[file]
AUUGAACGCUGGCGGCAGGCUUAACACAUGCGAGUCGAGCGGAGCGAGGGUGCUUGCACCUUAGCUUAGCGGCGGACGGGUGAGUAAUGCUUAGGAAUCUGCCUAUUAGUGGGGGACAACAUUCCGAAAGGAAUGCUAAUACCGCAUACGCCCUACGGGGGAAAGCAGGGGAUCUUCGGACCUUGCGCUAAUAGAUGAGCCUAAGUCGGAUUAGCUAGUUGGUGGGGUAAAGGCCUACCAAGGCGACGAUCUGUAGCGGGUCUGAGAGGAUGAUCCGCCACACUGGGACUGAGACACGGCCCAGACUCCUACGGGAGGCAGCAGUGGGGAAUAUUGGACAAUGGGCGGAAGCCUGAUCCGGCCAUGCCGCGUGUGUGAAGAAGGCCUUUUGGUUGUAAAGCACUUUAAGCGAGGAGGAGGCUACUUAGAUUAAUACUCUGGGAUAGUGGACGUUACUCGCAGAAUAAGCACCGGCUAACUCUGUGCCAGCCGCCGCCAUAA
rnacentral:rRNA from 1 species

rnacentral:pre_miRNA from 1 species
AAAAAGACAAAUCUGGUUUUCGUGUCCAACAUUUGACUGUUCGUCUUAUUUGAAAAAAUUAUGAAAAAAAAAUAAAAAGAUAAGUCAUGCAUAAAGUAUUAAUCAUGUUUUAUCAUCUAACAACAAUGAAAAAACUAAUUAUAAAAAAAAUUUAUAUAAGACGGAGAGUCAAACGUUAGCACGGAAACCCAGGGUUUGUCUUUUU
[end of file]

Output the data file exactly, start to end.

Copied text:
AUUGAACGCUGGCGGCAGGCUUAACACAUGCGAGUCGAGCGGAGCGAGGGUGCUUGCACCUUAGCUUAGCGGCGGACGGGUGAGUAAUGCUUAGGAAUCUGCCUAUUAGUGGGGGACAACAUUCCGAAAGGAAUGCUAAUACCGCAUACGCCCUACGGGGGAAAGCAGGGGAUCUUCGGACCUUGCGCUAAUAGAUGAGCCUAAGUCGGAUUAGCUAGUUGGUGGGGUAAAGGCCUACCAAGGCGACGAUCUGUAGCGGGUCUGAGAGGAUGAUCCGCCACACUGGGACUGAGACACGGCCCAGACUCCUACGGGAGGCAGCAGUGGGGAAUAUUGGACAAUGGGCGGAAGCCUGAUCCGGCCAUGCCGCGUGUGUGAAGAAGGCCUUUUGGUUGUAAAGCACUUUAAGCGAGGAGGAGGCUACUUAGAUUAAUACUCUGGGAUAGUGGACGUUACUCGCAGAAUAAGCACCGGCUAACUCUGUGCCAGCCGCCGCCAUAA
rnacentral:rRNA from 1 species

rnacentral:pre_miRNA from 1 species
AAAAAGACAAAUCUGGUUUUCGUGUCCAACAUUUGACUGUUCGUCUUAUUUGAAAAAAUUAUGAAAAAAAAAUAAAAAGAUAAGUCAUGCAUAAAGUAUUAAUCAUGUUUUAUCAUCUAACAACAAUGAAAAAACUAAUUAUAAAAAAAAUUUAUAUAAGACGGAGAGUCAAACGUUAGCACGGAAACCCAGGGUUUGUCUUUUU